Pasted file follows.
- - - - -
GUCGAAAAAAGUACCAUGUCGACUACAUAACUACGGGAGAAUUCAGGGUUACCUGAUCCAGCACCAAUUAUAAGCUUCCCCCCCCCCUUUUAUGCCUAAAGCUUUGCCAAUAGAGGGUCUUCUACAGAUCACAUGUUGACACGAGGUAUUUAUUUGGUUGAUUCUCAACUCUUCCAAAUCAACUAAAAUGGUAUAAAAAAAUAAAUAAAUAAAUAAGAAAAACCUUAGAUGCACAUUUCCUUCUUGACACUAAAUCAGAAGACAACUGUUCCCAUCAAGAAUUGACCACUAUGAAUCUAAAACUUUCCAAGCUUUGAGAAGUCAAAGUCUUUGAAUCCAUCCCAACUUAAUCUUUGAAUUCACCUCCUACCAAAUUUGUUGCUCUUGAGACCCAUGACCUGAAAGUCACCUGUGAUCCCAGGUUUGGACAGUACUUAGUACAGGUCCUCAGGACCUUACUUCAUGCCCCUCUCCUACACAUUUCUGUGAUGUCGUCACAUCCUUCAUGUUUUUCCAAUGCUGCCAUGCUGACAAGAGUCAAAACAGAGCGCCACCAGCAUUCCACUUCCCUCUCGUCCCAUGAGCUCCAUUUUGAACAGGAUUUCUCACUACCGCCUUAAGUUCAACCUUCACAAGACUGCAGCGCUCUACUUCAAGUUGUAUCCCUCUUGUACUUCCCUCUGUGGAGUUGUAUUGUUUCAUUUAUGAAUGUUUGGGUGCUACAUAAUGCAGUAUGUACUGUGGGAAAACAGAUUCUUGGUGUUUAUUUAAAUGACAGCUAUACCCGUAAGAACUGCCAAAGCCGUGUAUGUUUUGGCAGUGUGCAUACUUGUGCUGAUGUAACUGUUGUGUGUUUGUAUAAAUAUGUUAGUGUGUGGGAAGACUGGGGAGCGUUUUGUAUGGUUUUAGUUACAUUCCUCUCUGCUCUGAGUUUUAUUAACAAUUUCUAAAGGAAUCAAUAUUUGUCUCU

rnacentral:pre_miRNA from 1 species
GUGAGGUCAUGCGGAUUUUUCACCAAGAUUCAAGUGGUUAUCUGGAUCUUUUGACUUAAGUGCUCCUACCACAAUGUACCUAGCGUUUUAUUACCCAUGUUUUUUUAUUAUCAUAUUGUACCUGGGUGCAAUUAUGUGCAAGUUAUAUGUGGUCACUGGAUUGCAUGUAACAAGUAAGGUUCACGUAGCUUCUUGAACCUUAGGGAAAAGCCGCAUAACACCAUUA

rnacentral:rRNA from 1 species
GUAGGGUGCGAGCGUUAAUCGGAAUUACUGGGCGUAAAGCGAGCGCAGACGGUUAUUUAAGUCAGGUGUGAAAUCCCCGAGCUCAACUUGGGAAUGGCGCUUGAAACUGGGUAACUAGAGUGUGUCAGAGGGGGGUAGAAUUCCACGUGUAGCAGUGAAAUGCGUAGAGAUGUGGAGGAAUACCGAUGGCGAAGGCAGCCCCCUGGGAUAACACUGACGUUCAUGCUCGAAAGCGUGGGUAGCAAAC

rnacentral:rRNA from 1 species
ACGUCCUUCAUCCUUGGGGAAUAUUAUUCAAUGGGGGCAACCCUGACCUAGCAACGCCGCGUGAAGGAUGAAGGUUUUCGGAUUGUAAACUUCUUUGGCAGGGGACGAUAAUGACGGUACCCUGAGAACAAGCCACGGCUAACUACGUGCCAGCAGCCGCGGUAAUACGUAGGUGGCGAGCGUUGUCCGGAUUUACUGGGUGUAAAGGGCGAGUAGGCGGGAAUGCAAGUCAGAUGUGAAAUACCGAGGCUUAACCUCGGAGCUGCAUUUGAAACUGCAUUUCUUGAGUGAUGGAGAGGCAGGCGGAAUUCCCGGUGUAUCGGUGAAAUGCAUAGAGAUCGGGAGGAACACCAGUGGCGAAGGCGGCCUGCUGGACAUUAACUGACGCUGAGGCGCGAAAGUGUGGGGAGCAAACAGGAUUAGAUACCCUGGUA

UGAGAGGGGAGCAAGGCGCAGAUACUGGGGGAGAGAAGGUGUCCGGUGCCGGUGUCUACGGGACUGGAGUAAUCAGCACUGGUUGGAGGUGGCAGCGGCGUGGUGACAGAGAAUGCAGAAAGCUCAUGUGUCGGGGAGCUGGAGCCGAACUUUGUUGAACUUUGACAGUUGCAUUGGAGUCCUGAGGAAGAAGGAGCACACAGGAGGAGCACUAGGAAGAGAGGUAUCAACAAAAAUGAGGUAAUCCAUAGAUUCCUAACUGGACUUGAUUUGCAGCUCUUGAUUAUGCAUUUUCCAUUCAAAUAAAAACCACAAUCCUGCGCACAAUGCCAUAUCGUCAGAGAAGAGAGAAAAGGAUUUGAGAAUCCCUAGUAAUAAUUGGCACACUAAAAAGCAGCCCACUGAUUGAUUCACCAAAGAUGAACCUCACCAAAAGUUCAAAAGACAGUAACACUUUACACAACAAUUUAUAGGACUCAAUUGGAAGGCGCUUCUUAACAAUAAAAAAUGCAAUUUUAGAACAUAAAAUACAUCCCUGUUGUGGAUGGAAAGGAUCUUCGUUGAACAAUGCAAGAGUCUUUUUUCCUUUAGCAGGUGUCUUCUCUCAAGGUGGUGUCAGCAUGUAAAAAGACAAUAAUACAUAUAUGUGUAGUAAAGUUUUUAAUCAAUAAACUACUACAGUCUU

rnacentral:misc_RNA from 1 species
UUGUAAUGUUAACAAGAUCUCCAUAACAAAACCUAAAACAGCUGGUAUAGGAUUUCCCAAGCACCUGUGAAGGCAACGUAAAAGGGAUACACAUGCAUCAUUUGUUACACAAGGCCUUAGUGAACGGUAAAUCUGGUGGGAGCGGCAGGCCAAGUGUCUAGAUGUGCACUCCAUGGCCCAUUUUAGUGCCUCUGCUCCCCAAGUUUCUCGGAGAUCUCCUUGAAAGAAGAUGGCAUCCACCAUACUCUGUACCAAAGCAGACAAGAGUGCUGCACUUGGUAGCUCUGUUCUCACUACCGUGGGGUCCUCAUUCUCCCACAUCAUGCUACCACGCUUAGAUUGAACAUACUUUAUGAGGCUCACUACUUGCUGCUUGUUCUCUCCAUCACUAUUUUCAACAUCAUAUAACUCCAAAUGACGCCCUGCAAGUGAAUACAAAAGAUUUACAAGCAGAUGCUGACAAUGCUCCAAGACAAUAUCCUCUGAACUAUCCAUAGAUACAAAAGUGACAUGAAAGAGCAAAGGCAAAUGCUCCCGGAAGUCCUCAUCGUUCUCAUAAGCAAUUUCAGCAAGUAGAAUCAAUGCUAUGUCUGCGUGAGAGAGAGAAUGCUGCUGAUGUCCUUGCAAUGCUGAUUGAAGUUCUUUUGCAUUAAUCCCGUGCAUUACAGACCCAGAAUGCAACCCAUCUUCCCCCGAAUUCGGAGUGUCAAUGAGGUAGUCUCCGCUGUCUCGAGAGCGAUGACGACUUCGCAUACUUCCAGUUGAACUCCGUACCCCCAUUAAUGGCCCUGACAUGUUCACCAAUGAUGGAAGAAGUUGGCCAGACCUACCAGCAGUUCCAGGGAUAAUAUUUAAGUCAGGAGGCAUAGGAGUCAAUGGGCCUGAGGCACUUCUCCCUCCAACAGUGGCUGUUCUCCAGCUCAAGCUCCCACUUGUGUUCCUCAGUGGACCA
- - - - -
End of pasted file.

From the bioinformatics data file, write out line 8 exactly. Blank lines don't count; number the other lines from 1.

UGAGAGGGGAGCAAGGCGCAGAUACUGGGGGAGAGAAGGUGUCCGGUGCCGGUGUCUACGGGACUGGAGUAAUCAGCACUGGUUGGAGGUGGCAGCGGCGUGGUGACAGAGAAUGCAGAAAGCUCAUGUGUCGGGGAGCUGGAGCCGAACUUUGUUGAACUUUGACAGUUGCAUUGGAGUCCUGAGGAAGAAGGAGCACACAGGAGGAGCACUAGGAAGAGAGGUAUCAACAAAAAUGAGGUAAUCCAUAGAUUCCUAACUGGACUUGAUUUGCAGCUCUUGAUUAUGCAUUUUCCAUUCAAAUAAAAACCACAAUCCUGCGCACAAUGCCAUAUCGUCAGAGAAGAGAGAAAAGGAUUUGAGAAUCCCUAGUAAUAAUUGGCACACUAAAAAGCAGCCCACUGAUUGAUUCACCAAAGAUGAACCUCACCAAAAGUUCAAAAGACAGUAACACUUUACACAACAAUUUAUAGGACUCAAUUGGAAGGCGCUUCUUAACAAUAAAAAAUGCAAUUUUAGAACAUAAAAUACAUCCCUGUUGUGGAUGGAAAGGAUCUUCGUUGAACAAUGCAAGAGUCUUUUUUCCUUUAGCAGGUGUCUUCUCUCAAGGUGGUGUCAGCAUGUAAAAAGACAAUAAUACAUAUAUGUGUAGUAAAGUUUUUAAUCAAUAAACUACUACAGUCUU